September 1, 2014 by dgarnett2013
Sunken Pear and black gingerbread cake: Konditor & Cook by Gerhard Jenne
Makes a 25cm cake
- 250g plain flour
- 1 tab ground cinnamon
- 1 tab ground ginger
- 2 tsp bicarbonate of soda
- 175g light soft brown sugar
- 200ml milk
- 175g salted butter, softened
- 175g black treacle
- 2 medium eggs, lightly beaten
For the pears:
- 75g salted butter
- 150g light soft brown sugar
- 4 large or 6 small pears, such as Conference, peeled, quartered and cored.
Heat the oven to 150℃. Line a 25cm cake tin with foil. Make sure the sides are covered and there is a lip of at least 1cm all round to contain any juices.
First cook the pears. Put the butter and soft brown sugar in a plan and heat gently until dissolved. Raise the heat and simmer for about 5 mins until it becomes a light caramel; it will look like an even, bubbling cauldron when it is ready.
Pour the caramel into the foil-lined cake tin, then fan the pears out on top like a sunflower, with the rounded part of the pear facing downwards. Set aside.
To make the cake: sift the four with the spices and bicarbonate of soda and set aside.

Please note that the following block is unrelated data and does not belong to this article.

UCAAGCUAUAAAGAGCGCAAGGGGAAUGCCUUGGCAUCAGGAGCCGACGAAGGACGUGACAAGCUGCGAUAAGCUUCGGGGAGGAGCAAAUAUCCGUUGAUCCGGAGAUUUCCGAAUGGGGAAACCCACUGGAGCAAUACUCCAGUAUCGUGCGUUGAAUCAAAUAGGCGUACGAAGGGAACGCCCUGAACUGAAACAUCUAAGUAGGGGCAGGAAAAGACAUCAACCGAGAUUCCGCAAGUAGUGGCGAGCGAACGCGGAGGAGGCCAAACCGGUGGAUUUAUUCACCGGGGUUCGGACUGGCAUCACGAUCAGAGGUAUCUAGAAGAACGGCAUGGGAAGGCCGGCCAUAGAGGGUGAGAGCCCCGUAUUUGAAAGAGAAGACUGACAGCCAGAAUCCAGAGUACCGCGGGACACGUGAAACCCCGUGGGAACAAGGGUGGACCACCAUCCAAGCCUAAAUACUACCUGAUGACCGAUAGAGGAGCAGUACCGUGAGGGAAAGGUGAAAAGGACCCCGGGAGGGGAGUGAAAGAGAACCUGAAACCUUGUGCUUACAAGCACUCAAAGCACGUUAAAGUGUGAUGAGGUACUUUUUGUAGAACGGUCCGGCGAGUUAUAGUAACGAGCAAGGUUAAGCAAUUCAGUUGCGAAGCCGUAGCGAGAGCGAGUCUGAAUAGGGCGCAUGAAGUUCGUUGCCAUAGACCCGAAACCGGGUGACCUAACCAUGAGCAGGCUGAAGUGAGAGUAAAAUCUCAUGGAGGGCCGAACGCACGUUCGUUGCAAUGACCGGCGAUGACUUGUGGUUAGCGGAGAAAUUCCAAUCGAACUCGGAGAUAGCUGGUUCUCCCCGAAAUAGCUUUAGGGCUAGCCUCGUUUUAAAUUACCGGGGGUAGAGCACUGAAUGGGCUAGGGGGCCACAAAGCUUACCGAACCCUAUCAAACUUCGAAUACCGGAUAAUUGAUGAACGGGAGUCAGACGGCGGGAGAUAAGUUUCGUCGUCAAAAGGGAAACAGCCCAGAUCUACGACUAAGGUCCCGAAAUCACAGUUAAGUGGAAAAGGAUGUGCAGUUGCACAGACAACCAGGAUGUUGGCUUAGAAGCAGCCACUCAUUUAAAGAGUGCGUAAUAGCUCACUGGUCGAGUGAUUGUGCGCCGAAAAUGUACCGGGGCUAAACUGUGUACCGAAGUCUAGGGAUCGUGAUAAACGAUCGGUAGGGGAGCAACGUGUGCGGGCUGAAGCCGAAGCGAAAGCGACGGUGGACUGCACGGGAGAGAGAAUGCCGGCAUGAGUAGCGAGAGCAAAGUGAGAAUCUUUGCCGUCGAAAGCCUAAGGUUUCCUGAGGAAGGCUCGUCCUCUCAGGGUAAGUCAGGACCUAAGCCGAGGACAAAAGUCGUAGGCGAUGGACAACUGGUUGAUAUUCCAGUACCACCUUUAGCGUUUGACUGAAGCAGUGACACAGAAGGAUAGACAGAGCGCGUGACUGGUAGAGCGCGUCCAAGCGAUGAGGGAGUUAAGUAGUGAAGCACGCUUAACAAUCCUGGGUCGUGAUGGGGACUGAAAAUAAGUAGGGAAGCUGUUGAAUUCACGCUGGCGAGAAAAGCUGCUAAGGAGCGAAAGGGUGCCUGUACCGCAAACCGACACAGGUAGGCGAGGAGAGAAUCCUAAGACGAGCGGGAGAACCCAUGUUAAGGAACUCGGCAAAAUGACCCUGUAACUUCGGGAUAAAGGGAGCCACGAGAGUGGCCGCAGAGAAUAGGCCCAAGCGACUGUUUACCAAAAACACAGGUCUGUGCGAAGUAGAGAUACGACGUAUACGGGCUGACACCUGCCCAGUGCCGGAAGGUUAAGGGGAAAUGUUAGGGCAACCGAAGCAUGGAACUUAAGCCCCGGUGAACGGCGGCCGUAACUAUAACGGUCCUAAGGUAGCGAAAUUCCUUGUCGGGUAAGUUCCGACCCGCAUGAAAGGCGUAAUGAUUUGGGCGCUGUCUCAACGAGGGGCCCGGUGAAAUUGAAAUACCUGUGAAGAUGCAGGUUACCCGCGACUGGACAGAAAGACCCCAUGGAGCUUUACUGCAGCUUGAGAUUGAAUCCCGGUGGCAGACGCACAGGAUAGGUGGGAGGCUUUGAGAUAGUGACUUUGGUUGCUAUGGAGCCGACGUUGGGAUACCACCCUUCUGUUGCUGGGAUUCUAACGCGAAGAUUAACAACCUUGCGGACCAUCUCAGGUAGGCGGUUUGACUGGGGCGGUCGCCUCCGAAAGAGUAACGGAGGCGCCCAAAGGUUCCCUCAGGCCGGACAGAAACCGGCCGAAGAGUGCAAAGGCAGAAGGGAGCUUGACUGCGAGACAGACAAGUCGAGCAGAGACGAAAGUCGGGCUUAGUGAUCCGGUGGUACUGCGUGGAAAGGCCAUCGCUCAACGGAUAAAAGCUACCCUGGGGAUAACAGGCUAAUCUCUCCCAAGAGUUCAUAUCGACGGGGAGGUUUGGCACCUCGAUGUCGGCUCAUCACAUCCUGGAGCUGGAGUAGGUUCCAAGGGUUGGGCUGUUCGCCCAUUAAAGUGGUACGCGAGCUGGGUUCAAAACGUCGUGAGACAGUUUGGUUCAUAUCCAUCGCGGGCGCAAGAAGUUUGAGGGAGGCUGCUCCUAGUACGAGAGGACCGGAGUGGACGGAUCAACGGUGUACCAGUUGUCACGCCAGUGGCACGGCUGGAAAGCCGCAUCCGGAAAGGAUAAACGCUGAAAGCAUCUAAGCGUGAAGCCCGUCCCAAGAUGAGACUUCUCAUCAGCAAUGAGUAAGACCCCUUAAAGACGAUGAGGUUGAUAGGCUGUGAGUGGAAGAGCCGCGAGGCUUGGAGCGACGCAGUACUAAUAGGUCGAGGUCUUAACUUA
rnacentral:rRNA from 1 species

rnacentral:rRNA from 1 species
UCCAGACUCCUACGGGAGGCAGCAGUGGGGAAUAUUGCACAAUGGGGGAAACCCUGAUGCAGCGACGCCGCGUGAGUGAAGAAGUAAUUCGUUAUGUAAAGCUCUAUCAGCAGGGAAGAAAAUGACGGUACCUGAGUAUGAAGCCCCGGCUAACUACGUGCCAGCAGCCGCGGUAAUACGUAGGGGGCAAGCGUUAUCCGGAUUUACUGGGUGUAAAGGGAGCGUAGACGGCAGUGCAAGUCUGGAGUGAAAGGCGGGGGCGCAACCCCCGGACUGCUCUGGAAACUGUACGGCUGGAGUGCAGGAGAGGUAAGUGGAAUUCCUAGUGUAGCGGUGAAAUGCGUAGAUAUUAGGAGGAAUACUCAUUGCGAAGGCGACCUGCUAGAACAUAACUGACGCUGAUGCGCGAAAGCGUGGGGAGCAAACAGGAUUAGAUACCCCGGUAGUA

Slowly heat the brown sugar and milk in a pan (you can use the one you used for caramel). By the time you are ready to use the mixture, it should be starting to simmer.
Using an electric mixer, beat the butter and treacle together until they become paler. Gradually beat in the eggs, then using the mixer on slow speed, add the sifted flour and mix until it is all combined.
Slowly and carefully add the hot milk mix and blend to a runny consistency.
Pour the mixture over the pears in the tin and bake for about an hour, until a skewer inserted comes out clean.
Remove from the oven and leave to cool in the tin for about an hour.
Then turn the cake out upsides down on to a cake board or flat plate and remove the foil.
Be careful not to tear the pears away with the foil. You can avoid this by making a small cut in the foil in the centre of the cake, then gently peel away strips of foil from the centre, moving outwards.
Eaten with all the Pearson grandchildren.